Jason Gerberry, a drug industry analyst with Leerink Swann, said the company’s 2012 revenue was split almost evenly between generics and other sources, mostly brand-name products. But in terms of operating profit, only about 35 percent came from generics, he noted. One of its most profitable is a multiple sclerosis drug, Copaxone.
“The U.S. generics business is hitting a tough spot,” Gerberry added. And Teva’s stock has been flat.
Another priority for Teva, Barrett said, will be an effort to combat prescription drug abuse. The company is examining how it could best educate the public, Barrett said, and she indicated that a campaign along those lines would roll out later this year. “We need to stop the trends here,” she said. “We’re asking, ‘What can we do?’”
Since Barrett joined Teva, the company has increased its spending on federal lobbying. The year she started, Teva reported about $1.3 million in annual expenditures. In more recent years, it has spent around $3 million. Last year, according to Lobbying Disclosure Act reports, it farmed out work to such firms as Goodwin Procter, Rubicon Advisors and others.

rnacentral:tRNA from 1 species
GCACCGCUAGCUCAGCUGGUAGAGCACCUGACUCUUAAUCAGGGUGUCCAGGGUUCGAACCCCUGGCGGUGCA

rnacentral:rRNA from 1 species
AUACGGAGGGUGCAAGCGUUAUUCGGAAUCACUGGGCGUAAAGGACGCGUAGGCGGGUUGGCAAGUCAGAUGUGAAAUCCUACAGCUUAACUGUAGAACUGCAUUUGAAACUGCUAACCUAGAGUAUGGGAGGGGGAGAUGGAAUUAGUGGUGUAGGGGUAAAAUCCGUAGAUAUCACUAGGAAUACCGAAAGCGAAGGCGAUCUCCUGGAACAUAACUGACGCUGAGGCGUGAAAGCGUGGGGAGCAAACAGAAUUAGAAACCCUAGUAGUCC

Before she joined Teva, Barrett was a consultant at the Washington Group lobbying firm and had been a lobbyist at the generic drug industry trade group. On Capitol Hill, she worked for former Sen. Christopher J. Dodd, D-Conn., on the Health, Education, Labor and Pensions Committee.
Lobbyists from both sides of the aisle give her high marks. Democrat Rich Tarplin called her “a rare commodity in the drug world — hard-headed and sophisticated about business issues with the heart of a progressive on access to quality care for patients.”
GOP lobbyist Ari Storch, another former Teva consultant, said Barrett is “the perfect person to help Teva continue its transition from generics behemoth to balanced player.”
In her new role at Teva, Barrett also oversees lobbying in all the states as well as internationally. “We’re trying out the video-conferencing capabilities,” she said. But traveling to Israel as well as to Brussels and other capitals is part of the job. “Nothing supplants being face to face.”
Vice President Joe Biden waits to conduct a mock swearing-in ceremony with Sen. Brian Schatz, D-Hawaii, in the Capitol's Old Senate Chamber, December 2, 2014. Schatz was sworn in to serve the remainder of his term since he was appointed to the seat after Sen. Daniel Inouye, D-Hawaii, passed away.